Vanilla ice cream cone I bought at Camp Manito...
Vanilla ice cream cone I bought at Camp Manitou-Lin for a $1 donation. I was sort of icey. (Photo credit: Wikipedia)

thankfulness/V (the caption under the picture is not mine)

Vacation, valleys, valor, vanilla, variety, vases, vegetables, vehicles, velvet, veins, very, veterans, vibrant, victory, vigilant, vigorous, vilify, vindicate, visualization, vitamins, void, vows, vulnerability.

 It’s the Holiday season and I can think of no other flavoring that is used more than vanilla. I have always loved the flavoring and smell of vanilla so today I’m very thankful today for “vanilla”. The flavoring and the scent.  Did you know that women In Victorian times used to use vanilla as perfume?  (And Bath and Body Works thought they were original? Huh.)

I like vanilla in warm milk. I like vanilla ice cream.  I like vanilla pudding. While I like chocolate, vanilla is my favorite. A touch of vanilla in almost any cake, cookie or dessert recipe adds to the taste. It’s also great in tart recipes as it “softens” the tartness.  I love the scent of it so much that anytime I’m in Bath and Body Works, I buy Warm Vanilla Sugar in every product they carrya. Every woman I know loves it.

Maybe it reminds us of when we were little girls and we smelled cookies baking in the oven. Maybe it makes us feel “mothered”, especially if we never were. Did you know that smells can actually soothe us, energize us, makes us more mentally acute? What do you think is behind the success of the aforementioned Bath and Body Works? They have tapped into the psychology of smell and we’ve bought it hook, line and sinker. That’s not meant as an insult. Quite the contrary. I think it’s great. I love going in and smelling all the new “flavors”.

I’m copying this article directly from the Internet. It’s a really good explanation of what I’ve been saying and might even explain the “mothering” theory. What do you think?

The psychology of design: How to create an environment in which you will thrive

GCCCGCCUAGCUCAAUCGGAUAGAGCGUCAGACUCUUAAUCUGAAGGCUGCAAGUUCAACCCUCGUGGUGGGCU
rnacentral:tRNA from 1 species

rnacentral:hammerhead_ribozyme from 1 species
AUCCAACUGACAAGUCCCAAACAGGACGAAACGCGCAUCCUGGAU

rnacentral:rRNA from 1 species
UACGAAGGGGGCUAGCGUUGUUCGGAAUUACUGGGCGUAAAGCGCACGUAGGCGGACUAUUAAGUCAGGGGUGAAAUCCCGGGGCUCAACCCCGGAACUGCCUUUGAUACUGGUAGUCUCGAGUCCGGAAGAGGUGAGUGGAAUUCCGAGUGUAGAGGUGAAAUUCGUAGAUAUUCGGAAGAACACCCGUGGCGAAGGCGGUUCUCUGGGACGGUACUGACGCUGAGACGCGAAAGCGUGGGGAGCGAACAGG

by Sally Augustin, Ph.D.


The Smell Is Right – Using Scents to Enhance Life (Part 2)

Scents influence us in predictable ways.

Published on January 13, 2010 by Sally Augustin, Ph.D. in People, Places, and Things.

The scents that surround us have a significant influence on how we live our lives. Specific smells have predictable psychological effects, as discussed in part 1 of this article – lemon improves our performance on cognitive tasks while peppermint has the same result when we are doing physical work, for example.

Researchers have also found that scents each of us individually classify as pleasant influence us in foreseeable ways:

  • When we smell a scent that we think is pleasant while we’re waiting somewhere, it seems to us that we’ve been waiting for a shorter time than if a pleasant smell is absent. If you know that you, or others, will be spending a lot of time on hold or in a linge, add a pleasant smell to your environment. 
  • We’re apt to linger in spaces that smell good – so scent is a way that you can encourage people to gather in particular sections of your home during a party.
  • Smelling pleasant scents also puts us into a generally good mood, which means we’re apt to be more creative and more interested in resolving disagreements genially as opposed to confrontationally.
  • Gamblers bet more money when they’re in a good smelling place, so, if you often lose at cards, don’t add potpourri to the den when the poker game’s at your house.
  • When we smell pleasant scents, we’re more apt to recall pleasant memories, which is good if you’re not feeling well or under stress – and you’ll generally report that you feel less pain when you smell a pleasant smell than you will when you’re not doing so.
  • We’re more confident when we are smelling a pleasant scent – so wearing that perfume or cologne you like is a good idea when you’re taking the law boards or defending your dissertation.
  • Scented spaces seem larger than unscented ones, and, as a bonus, those larger seeming scented spaces also seem cleaner and brighter than unscented ones – even if we don’t consciously register that scent – conscious registration is not necessary for the repercussions of pleasant smells noted above, either.

Smelling the same smell in two different places where you’ll be working on a project puts you in the same mood as in both spaces and calls the same memories to mind. If your home office and a workplace share an odor, it will help you work more effectively in both places.

What about unpleasant smells? They mobilize us to action – particularly to leave spaces. So, if your guests just don’t get the hint . . .